Given the complexity of the aerospace industry as a whole and the level of detail needed – including proof of parts' origins, quality levels and correct servicing – the needs of MRO service companies go far beyond a simple computerised database, as original documentation in many formats must be securely held and easily accessed. MROs looking to increase productivity and gain the benefit in terms of differentiation and improved compliance that a fully traceable system provides, must develop a technology strategy that unites all levels of their operation and allows managers and perhaps even privileged partners to scrutinise them.


Such a strategy can be implemented relatively easily by harnessing enterprise content management (ECM) technologies. These systems, which can be employed across any business, not only digitise all documentation, but allow it to be viewed from a single source, regardless of the original documents’ format. Such technologies provide a fluid link between existing systems and the tasks currently undertaken. Being digital, and potentially cloud-based information, access can be made available to a variety of devices, with security levels tailored to the needs of the company and industry.


Increasingly, ECM is being adopted across many industry sectors to build more complex enterprise information platforms, which can also incorporate workflow and case management. Often these capabilities are adapted to automate business processes within a company. Aerospace manufacturers, for example, have used such platforms to help achieve a seamless and secure supply chain while improving efficiency and facilitating faster, more accurate feedback.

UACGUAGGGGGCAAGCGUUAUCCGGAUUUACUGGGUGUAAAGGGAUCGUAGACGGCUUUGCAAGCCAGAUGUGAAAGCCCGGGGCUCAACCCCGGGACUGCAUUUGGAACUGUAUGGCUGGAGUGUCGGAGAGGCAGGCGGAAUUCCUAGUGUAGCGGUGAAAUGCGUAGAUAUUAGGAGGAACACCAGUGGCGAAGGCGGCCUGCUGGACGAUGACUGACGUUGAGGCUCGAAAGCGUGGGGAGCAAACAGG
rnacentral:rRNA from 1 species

With, if anything, a better level of digitisation and IT investment than their counterparts in component manufacturing, MRO services providers look set to adopt enterprise information platforms. However, it is important to remember that implementing such systems is just the beginning. The key to maximising the investment for any firm is to develop a single platform, for workers from the shop floor to the airport tarmac.


Given a workforce largely composed of skilled engineers, the workers themselves will find effective uses for the platform. This bottom-up approach may seem counterintuitive when it comes to improving time management and workflows, but is essential in building a system that is widely used and minimises time lost to paperwork.


With an IT system adapted to work on their side, and on platforms of their choice, engineers will make services more efficient, while executives gain a valuable overview of the company's strengths and problems. At the same time, the service to clients can be improved while simultaneously cutting costs. Invariably, only the more innovation-focused businesses will get the process right first time, but they will set a trend that others are forced to follow.


Tim Rushent is Account Manager, Industry and Commerce, with Hyland, creator of OnBase.